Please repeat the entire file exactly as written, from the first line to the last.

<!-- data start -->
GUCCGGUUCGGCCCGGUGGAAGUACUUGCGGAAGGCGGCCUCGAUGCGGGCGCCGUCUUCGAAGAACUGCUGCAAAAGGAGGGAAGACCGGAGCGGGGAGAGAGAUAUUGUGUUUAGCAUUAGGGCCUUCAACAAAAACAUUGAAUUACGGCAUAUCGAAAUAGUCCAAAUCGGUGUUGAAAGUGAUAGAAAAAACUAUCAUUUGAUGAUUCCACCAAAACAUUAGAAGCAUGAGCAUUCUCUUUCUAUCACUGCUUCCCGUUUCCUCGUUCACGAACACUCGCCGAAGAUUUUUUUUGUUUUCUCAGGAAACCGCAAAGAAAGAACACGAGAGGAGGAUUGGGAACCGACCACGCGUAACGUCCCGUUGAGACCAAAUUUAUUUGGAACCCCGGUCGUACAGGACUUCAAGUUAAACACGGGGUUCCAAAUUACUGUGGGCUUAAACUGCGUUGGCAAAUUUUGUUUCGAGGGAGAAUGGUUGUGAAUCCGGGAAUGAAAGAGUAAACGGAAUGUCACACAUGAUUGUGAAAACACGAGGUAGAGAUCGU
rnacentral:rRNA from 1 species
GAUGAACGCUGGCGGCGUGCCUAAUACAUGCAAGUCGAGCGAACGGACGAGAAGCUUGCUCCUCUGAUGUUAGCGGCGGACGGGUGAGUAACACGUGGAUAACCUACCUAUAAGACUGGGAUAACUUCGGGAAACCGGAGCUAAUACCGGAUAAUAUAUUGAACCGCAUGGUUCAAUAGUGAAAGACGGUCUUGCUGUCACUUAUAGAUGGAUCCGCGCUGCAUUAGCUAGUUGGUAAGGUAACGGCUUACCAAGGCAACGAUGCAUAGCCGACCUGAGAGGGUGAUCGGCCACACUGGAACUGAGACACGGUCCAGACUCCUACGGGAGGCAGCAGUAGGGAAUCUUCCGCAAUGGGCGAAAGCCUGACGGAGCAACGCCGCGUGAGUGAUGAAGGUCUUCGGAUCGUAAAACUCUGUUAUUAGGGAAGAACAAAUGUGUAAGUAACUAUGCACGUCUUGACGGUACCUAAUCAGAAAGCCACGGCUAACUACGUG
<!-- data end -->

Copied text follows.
GUCCGGUUCGGCCCGGUGGAAGUACUUGCGGAAGGCGGCCUCGAUGCGGGCGCCGUCUUCGAAGAACUGCUGCAAAAGGAGGGAAGACCGGAGCGGGGAGAGAGAUAUUGUGUUUAGCAUUAGGGCCUUCAACAAAAACAUUGAAUUACGGCAUAUCGAAAUAGUCCAAAUCGGUGUUGAAAGUGAUAGAAAAAACUAUCAUUUGAUGAUUCCACCAAAACAUUAGAAGCAUGAGCAUUCUCUUUCUAUCACUGCUUCCCGUUUCCUCGUUCACGAACACUCGCCGAAGAUUUUUUUUGUUUUCUCAGGAAACCGCAAAGAAAGAACACGAGAGGAGGAUUGGGAACCGACCACGCGUAACGUCCCGUUGAGACCAAAUUUAUUUGGAACCCCGGUCGUACAGGACUUCAAGUUAAACACGGGGUUCCAAAUUACUGUGGGCUUAAACUGCGUUGGCAAAUUUUGUUUCGAGGGAGAAUGGUUGUGAAUCCGGGAAUGAAAGAGUAAACGGAAUGUCACACAUGAUUGUGAAAACACGAGGUAGAGAUCGU
rnacentral:rRNA from 1 species
GAUGAACGCUGGCGGCGUGCCUAAUACAUGCAAGUCGAGCGAACGGACGAGAAGCUUGCUCCUCUGAUGUUAGCGGCGGACGGGUGAGUAACACGUGGAUAACCUACCUAUAAGACUGGGAUAACUUCGGGAAACCGGAGCUAAUACCGGAUAAUAUAUUGAACCGCAUGGUUCAAUAGUGAAAGACGGUCUUGCUGUCACUUAUAGAUGGAUCCGCGCUGCAUUAGCUAGUUGGUAAGGUAACGGCUUACCAAGGCAACGAUGCAUAGCCGACCUGAGAGGGUGAUCGGCCACACUGGAACUGAGACACGGUCCAGACUCCUACGGGAGGCAGCAGUAGGGAAUCUUCCGCAAUGGGCGAAAGCCUGACGGAGCAACGCCGCGUGAGUGAUGAAGGUCUUCGGAUCGUAAAACUCUGUUAUUAGGGAAGAACAAAUGUGUAAGUAACUAUGCACGUCUUGACGGUACCUAAUCAGAAAGCCACGGCUAACUACGUG